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The Grapes Are Sour

19th December 1947
Page 22
Page 22, 19th December 1947 — The Grapes Are Sour
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Which of the following most accurately describes the problem?

MEMBERS OF PARLIAMENT and others are bringing pressure to bear on the Government to prohibit the supply of fuel for coaches other than those employed on regular services. The argument appears to be based on equity as between the private motorist and the coach operator, but is strongly flavoured with sour grapes. Having regard to the close community of interest existing between all users of motor vehicles, private and public, this development of factions is extremely unfortunate. It has arisen probably more from ignorance than from malice, but it is none the less dangerous.

The opponents of the coach owner's freedom overlook the vital facts that coaches provide a public service and that their operation is a lawful trade. Although a coach may be hired by a group of people for pleasure, it remains a public vehicle.

Contract Work Spreads Overheads Moreover, there are many hundreds of operators who have to lay up half or more of their fleets during the winter, and rely on contract work to bear some of the heavy overhead costs. Even so, there are few seasonal operators who can find enough private-hire work during the winter months to show a profit on the conduct of the business as a whole, and the losses must be recouped during the summer.

If there were no winter work, fares on services run during the season would have to be raised sharply. Even the increase of fares by 33 per cent. above the pre-war minimum level would hardly yield a profit. Clearly, in the public interest, the cost of transport should he kept to a minimum, and to this end contract work during the off-season should be encouraged. The railways are unable to deal satisfactorily with existing traffic and the Government is diverting as much as possible to road transport. To keep the rails clear for urgent heavy mineral and other similar traffic, it is desirable that passenger services should be reduced, and that otherwise idle road vehicles should be used to the fullest extent.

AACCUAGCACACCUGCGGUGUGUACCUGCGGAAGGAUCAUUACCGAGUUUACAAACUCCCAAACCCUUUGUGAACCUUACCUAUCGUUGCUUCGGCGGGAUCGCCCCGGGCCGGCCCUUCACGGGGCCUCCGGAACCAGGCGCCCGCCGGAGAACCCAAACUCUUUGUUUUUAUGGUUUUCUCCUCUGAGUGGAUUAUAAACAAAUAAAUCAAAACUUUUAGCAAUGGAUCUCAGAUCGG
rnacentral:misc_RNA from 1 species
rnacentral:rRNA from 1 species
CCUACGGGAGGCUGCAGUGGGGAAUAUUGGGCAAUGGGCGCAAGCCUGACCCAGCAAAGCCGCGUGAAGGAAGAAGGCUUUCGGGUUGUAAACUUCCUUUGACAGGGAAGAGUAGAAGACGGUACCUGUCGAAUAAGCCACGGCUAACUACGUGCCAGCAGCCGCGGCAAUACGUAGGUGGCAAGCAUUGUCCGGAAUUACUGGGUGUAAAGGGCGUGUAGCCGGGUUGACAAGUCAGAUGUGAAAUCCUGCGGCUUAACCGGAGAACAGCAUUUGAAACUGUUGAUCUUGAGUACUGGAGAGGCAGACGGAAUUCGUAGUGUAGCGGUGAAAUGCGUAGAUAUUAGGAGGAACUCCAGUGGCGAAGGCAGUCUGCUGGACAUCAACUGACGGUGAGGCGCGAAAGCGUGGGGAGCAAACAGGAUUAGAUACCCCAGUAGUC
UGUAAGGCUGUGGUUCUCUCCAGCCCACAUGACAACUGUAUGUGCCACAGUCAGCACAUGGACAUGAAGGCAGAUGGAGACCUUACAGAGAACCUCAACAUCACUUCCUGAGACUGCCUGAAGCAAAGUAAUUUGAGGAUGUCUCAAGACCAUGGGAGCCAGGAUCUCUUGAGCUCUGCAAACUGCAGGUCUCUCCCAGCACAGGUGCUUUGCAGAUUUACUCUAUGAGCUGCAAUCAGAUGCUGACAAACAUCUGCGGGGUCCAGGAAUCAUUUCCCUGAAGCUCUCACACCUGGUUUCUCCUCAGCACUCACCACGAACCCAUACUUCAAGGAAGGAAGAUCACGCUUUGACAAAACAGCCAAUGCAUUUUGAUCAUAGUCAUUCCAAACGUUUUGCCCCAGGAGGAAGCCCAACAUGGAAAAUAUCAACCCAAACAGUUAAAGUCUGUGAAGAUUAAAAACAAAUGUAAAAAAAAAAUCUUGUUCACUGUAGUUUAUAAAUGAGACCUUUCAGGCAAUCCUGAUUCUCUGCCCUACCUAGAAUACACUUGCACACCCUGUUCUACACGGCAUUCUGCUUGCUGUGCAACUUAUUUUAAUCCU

Recreation Will Not Cease The removal of the basic petrol ration will not prevent many thousands of people from attending sporting events, but economic recovery demands that they should be dissuaded from using the railways for that purpose. There are coaches available to carry them with safety, economy and comfort.

A 32-seater oil-engined coach, making a round trip of 130 miles and carrying a full load, would use about 10 gallons of fuel, or an average of 0.31 gallon per person. Probably at least 10 private cars would be employed to transport a similar number of people, at an expenditure of about 52 gallons of fuel, or 1.62 gallons per person.

The maintenance of morale is one of the Government's most important tasks and any unreasonable impediment to recreation will react unfavourably on the production that is the Nation's only salvation. The coach provides a means for enjoyment that is within the limits of stringent economy. No doubt, in withdrawing the basic petrol ration, the Government hoped to curb the black market in scarce commodities of all kinds, and this object can be achieved without interfering further with the liberty of the subject to travel in convenience and comfort, or to enjoy hard-earned leisure.



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